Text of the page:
The New Hampshire House of Representatives voted today to pass a bill that would allow the city of Manchester to ask for a moratorium on refugee resettlement.
The bill is a seen as a victory for Manchester Mayor Ted Gatsas, who has been calling for a moratorium since last July.
Manchester Representative Phil Greazzo, a Republican, says the resettlement agency is not doing a good job helping refugees integrate, and the city’s social services are overwhelmed.
"All those problems that the resettlement agency doesn’t necessarily follow up on, the cities are responsible to follow up on and the taxpayers have to wind up footing that bill," Greazzo says.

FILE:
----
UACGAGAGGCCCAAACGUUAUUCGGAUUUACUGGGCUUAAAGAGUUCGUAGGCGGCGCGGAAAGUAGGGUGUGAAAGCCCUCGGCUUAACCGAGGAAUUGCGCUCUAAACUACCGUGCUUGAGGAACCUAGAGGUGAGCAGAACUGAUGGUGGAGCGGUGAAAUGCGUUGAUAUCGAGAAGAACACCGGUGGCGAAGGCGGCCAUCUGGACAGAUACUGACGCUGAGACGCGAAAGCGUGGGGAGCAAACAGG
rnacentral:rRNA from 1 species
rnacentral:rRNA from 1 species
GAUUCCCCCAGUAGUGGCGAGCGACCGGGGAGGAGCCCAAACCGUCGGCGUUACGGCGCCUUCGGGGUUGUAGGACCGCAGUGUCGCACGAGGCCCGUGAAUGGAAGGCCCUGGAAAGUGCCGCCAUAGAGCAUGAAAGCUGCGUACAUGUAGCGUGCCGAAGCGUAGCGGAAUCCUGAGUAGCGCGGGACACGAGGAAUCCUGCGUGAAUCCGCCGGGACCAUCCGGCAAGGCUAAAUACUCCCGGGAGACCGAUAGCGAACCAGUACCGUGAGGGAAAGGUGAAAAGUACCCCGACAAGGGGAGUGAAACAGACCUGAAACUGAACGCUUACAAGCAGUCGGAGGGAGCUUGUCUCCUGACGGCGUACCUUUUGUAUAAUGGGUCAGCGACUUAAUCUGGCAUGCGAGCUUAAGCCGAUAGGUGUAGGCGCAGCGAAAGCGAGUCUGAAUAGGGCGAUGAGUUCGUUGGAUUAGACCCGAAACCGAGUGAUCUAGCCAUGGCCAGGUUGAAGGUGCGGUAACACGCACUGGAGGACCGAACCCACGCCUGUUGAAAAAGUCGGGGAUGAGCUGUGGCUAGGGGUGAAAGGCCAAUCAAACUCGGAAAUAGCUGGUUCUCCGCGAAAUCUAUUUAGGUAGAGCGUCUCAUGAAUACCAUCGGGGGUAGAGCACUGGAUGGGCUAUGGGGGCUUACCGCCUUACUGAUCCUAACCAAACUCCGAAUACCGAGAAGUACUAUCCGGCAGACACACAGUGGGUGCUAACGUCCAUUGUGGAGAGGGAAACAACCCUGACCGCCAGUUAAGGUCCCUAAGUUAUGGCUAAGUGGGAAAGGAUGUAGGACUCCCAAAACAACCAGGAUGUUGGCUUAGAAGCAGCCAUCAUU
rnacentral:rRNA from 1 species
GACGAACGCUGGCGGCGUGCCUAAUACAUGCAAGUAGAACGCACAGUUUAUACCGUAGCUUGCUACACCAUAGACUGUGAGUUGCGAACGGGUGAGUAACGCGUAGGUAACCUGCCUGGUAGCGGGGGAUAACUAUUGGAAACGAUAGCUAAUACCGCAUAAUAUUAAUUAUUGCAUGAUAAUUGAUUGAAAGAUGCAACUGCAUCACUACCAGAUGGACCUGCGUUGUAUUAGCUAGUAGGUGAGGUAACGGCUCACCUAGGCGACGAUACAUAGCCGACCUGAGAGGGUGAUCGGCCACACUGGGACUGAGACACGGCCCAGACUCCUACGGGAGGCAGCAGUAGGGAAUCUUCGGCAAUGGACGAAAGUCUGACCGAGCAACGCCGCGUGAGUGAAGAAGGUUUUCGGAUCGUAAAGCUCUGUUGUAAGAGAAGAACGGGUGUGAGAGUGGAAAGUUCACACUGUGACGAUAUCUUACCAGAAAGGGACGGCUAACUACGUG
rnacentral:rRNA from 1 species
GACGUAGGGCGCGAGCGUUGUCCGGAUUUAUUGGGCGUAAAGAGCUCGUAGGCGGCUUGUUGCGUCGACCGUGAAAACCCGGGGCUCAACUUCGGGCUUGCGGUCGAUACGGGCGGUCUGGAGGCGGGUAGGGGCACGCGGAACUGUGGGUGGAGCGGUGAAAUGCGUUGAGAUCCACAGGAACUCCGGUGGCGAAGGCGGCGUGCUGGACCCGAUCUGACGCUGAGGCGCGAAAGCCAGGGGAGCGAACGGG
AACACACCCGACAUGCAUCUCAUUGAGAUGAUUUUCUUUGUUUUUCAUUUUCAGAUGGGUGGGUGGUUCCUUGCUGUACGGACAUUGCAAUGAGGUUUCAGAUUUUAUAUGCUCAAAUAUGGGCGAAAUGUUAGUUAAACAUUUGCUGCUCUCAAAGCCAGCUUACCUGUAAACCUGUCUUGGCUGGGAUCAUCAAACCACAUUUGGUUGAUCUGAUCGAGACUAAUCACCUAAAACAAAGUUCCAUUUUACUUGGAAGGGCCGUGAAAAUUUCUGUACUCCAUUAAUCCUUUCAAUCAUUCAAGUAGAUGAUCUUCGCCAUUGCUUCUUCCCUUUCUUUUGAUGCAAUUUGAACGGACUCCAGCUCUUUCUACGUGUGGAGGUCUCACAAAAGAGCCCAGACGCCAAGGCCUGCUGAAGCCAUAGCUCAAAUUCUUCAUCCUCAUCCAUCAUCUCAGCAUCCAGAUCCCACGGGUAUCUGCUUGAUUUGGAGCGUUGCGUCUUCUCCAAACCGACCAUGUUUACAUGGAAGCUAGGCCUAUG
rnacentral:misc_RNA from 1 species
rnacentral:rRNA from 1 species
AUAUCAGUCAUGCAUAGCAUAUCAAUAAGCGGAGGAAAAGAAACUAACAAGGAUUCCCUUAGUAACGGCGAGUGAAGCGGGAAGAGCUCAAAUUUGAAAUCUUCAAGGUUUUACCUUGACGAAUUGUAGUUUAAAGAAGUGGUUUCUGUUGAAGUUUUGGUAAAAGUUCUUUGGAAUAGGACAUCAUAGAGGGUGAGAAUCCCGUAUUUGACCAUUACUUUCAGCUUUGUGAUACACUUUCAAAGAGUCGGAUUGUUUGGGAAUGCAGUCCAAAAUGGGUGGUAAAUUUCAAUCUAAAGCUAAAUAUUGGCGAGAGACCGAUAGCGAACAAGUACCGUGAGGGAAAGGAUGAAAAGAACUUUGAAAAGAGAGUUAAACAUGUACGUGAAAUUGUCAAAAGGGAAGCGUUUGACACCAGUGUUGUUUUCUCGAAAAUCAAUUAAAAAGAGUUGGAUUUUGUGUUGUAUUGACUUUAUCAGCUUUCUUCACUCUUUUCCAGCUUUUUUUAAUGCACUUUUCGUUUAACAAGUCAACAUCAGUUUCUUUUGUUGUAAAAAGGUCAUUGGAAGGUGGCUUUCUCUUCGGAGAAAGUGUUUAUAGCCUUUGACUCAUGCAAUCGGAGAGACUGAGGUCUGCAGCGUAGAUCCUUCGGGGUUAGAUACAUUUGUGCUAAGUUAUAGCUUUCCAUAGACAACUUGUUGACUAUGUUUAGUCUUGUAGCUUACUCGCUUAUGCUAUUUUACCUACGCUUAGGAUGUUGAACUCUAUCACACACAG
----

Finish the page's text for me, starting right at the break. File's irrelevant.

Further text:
Under the bill New Hampshire towns could ask for a one-year moratorium on new refugee resettlements, which opponents say the state doesn’t have the authority to do.
The head of the national organization in charge of resettling refugees expressed its disappointment with vote shortly afterward.
Lavinia Limon, the President and CEO of the US Committee for Refugees and Immigrants (USCRI), says the organization met with Manchester Mayor Ted Gatsas in October and agreed to resettle only refugees who have family in there.
"You know when people flee for their lives, the most important thing for them is their family," says Limon, "and to rebuild their lives here, having family is a real asset."
She says that many of these refugees will come to New Hampshire anyway no matter where they have been resettled.
Limon says that since October, only 49 people from 24 families have been resettled in Manchester, though the agency is authorized to resettle 200 in the Queen city this year.
Limon did not weigh in on whether the state has the authority to limit refugee resettlement.